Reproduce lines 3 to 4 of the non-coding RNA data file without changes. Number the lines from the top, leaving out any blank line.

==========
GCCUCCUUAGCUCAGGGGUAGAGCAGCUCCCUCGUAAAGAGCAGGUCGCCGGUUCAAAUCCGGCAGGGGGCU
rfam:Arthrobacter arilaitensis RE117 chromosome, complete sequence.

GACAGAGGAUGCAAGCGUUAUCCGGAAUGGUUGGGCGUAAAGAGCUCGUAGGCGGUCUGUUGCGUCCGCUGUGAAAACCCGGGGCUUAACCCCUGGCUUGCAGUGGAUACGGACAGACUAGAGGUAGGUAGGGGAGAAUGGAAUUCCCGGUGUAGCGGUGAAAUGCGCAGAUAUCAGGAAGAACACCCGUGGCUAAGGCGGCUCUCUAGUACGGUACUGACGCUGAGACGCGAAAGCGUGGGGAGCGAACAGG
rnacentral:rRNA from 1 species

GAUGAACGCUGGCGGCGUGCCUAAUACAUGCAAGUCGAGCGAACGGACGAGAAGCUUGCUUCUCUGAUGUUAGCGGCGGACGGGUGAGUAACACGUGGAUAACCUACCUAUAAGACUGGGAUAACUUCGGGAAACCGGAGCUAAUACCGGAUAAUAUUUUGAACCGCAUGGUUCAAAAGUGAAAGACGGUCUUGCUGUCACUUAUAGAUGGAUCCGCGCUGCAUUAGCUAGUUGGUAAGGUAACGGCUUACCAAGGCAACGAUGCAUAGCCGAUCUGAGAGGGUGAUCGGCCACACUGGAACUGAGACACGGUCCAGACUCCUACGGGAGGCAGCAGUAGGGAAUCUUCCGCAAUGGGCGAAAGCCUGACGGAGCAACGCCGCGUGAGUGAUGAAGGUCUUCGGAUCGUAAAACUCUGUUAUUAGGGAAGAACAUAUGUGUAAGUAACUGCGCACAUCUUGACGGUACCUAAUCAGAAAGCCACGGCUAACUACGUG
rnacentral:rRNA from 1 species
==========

GACAGAGGAUGCAAGCGUUAUCCGGAAUGGUUGGGCGUAAAGAGCUCGUAGGCGGUCUGUUGCGUCCGCUGUGAAAACCCGGGGCUUAACCCCUGGCUUGCAGUGGAUACGGACAGACUAGAGGUAGGUAGGGGAGAAUGGAAUUCCCGGUGUAGCGGUGAAAUGCGCAGAUAUCAGGAAGAACACCCGUGGCUAAGGCGGCUCUCUAGUACGGUACUGACGCUGAGACGCGAAAGCGUGGGGAGCGAACAGG
rnacentral:rRNA from 1 species